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Saras takes 25-minute ‘inaugural flight’
Sridhar K Chari
Tribune News Service

A prototype of India's first locally-built 14-seater civilian aircraft flies after taking off from the tarmac of the Hindustan Aeronautics Limited airport in Bangalore on Sunday
A prototype of India's first locally-built 14-seater civilian aircraft flies after taking off from the tarmac of the Hindustan Aeronautics Limited (HAL) airport in Bangalore on Sunday.
— AFP photo

Bangalore, August 22
The second prototype of the Saras 14-seater multi-role light transport aircraft developed by the National Aerospace Laboratories (NAL) along with Hindustan Aeronautics Limited (HAL) will fly in about one year, and the certification process, which will require about 500 hours of flying, is targeted to be completed in 24 to 30 months, NAL consultant T.S. Prahlad said here today.

Minister for Science and Technology Kapil Sibal, who was here for the “inaugural flight” (actually the seventh test-flight), said that he would recommend to the government to consider favourably the request for an order of 30 aircraft, which will give a boost to the civil aviation industry in the country. NAL is a laboratory under the Council for Scientific and Industrial Research (CSIR) which is under the Ministry of Science and Technology.

Mr Sibal, along with the project scientists, confirmed that the prototype was indeed heavier by about 700 kilograms, but stressed that it was not an issue as weight optimisation and power optimisation exercises were already under way, and expressed confidence that the production version would be in alignment with optimal parameters.

A detailed project report had been sent to the IAF which has already issued a letter of interest in procuring six aircraft. Air staff requirement (ASR) parameters were being finalised. The IAF will use it for training, troop transport, executive and casualty evacuation.

Dr Prahlad, a former NAL Director, under whom the project was sanctioned in 1999 after several false starts, said the production version would have a more powerful engine, 67 A, from the same family of Pratt and Witney engines. Other planned improvements included a more ergonomical cockpit, and easy maintenance accessibility. The original project cost of Rs 132 crore, with funding from CSIR, the Technology Development Board (TDB), HAL and the Ministry of Civil Aviation, was now revised to Rs 157 crore. The projected unit cost was about Rs 30 crore, which could be reduced with a larger production run, he added.

The aircraft has been developed with collaboration with other CSIR labs, ADA, Taneja Aerospace, a private company contributing with sheet metal parts and fuselage assembly, and 25 to 30 SMEs for various components. HAL is responsible for the wings and landing gear.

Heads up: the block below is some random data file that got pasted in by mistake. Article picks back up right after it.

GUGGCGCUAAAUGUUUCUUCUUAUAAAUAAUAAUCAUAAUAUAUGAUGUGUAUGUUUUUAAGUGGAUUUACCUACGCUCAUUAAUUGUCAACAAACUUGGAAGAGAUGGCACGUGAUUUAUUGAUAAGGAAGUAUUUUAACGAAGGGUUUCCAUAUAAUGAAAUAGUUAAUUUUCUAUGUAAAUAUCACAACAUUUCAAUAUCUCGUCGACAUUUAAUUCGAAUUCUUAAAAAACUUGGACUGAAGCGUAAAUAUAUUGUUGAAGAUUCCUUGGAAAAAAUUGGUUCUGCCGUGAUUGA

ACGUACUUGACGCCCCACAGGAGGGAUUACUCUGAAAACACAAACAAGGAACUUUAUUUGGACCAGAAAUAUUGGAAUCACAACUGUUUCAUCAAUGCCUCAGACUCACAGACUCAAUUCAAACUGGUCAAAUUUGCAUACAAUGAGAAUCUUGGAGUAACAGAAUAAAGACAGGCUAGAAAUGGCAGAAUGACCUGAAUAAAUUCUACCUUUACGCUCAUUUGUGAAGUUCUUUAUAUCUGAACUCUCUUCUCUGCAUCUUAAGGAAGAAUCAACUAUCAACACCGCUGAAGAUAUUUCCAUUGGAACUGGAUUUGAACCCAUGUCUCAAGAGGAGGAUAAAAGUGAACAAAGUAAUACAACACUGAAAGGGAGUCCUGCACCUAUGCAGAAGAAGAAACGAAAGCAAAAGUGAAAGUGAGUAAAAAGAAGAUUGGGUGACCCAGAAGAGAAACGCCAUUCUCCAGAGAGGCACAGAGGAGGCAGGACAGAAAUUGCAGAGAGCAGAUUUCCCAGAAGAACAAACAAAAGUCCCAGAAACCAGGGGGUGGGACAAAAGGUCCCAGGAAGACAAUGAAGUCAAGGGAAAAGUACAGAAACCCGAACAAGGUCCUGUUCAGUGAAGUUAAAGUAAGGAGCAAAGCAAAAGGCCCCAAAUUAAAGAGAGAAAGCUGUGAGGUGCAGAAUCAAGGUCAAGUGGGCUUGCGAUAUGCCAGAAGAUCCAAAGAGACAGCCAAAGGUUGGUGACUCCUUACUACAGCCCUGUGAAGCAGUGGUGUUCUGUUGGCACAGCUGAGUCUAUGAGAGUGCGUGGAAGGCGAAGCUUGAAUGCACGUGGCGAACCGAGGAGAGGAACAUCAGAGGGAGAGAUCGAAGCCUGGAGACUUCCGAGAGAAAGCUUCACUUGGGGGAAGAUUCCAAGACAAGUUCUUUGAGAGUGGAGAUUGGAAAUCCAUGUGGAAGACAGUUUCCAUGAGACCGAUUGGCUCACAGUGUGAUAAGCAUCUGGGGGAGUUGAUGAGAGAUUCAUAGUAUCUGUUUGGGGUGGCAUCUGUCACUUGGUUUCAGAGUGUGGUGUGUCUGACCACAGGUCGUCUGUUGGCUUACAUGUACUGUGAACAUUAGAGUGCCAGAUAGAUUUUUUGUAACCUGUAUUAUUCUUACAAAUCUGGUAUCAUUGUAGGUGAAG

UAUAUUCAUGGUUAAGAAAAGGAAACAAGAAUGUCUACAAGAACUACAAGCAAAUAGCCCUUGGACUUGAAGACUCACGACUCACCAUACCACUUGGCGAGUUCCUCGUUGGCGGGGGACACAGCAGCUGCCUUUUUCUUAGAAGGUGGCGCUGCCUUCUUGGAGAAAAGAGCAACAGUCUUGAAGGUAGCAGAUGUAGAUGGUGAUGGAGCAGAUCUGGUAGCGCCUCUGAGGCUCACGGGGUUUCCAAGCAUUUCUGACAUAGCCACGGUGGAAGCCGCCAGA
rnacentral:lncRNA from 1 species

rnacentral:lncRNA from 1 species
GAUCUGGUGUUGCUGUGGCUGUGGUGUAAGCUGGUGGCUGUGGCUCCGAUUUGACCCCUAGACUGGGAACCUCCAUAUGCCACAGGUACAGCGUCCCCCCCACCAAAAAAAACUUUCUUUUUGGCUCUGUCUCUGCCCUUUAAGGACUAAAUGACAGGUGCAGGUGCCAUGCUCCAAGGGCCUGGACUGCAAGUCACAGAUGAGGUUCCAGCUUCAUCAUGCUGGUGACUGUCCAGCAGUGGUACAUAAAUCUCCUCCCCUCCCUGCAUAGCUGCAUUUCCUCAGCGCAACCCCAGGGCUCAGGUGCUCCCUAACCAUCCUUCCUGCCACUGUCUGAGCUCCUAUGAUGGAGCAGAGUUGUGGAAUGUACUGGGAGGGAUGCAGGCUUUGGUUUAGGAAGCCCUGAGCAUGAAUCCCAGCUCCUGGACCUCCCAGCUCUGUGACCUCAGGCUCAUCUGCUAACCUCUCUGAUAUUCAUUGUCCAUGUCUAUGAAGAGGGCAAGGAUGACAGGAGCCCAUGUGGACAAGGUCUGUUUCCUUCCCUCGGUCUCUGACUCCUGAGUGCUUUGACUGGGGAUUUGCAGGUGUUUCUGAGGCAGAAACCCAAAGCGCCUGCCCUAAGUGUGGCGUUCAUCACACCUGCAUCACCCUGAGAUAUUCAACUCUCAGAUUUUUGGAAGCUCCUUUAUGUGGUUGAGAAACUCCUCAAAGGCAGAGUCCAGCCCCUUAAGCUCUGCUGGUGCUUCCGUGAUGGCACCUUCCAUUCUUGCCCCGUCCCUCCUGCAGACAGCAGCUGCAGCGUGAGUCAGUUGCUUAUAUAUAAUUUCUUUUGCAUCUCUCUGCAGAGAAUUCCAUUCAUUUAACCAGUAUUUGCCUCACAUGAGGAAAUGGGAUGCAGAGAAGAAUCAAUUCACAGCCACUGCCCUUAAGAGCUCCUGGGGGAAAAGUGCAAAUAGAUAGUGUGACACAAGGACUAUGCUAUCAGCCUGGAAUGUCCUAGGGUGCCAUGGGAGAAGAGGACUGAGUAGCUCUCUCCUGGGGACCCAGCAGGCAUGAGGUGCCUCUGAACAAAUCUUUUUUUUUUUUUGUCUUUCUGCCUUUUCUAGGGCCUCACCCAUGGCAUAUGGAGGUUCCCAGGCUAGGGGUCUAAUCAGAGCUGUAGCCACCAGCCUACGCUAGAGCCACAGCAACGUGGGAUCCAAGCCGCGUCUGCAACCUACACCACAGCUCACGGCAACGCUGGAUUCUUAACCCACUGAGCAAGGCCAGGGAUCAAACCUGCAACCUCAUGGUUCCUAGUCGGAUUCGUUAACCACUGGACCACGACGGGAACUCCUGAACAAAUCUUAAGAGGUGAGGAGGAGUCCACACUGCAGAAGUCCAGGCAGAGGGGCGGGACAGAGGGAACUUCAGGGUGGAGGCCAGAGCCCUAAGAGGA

There was also a proposal to “stretch” the fuselage by adding a “plug” which would enable the aircraft to seat 19 passengers, thus increasing its commercial viability. NAL would aim for a United States Federal Aviation Regulations (FAR)-25 certification. NAL sees a market for 150 aircraft in the next 10 to 15 years, in various roles like short-haul travel, especially in remote locations like the North-East with short or semi-prepared runways. Other roles include executive transport, aerial reconnaissance and air ambulance services. Saras is designed for short takeoff and landing runs. HAL is likely to be the nodal production agency.

The “inaugural flight” today, flown by Sqn-Ldr K.K. Venugopal with Wg Cdr R.S. Makker as the co-pilot, both from the Aircraft and Systems Testing Establishment (ASTE) of the IAF, lasted about 25 minutes. “We kept to a speed of about 150 knots, and flew up to a height of about 7000 feet. Handling characteristics and other parameters are along predictable lines,” Sqn-Ldr Venugopal said.

The aircraft, with a full payload, has a projected range of about 500 kilometres, which can go up to 1,400 kilometres in the eight-seater executive version. Other projected figures include a max speed of 550 km/h, an economy cruise speed of 450 km/hour, a cruise altitude of 7.5 kilometres, and take-off and landing distances at 700 and 850 metres, respectively.

Dr Prahlad said that avionics and engines were the main foreign components in the aircraft, and there was a programme to indigenise the avionics in the 10th plan.

NAL Director B.R. Pai, CSIR Director-General R.A. Mashelkar, DST Secretary V.S. Ramamurthy, HAL Chairman N.R. Mohanty and NAL Centre for Civil Aircraft Design and Development (C-CADD) head K. Yegna Narayan participated in an inaugural function after the flight in the morning.
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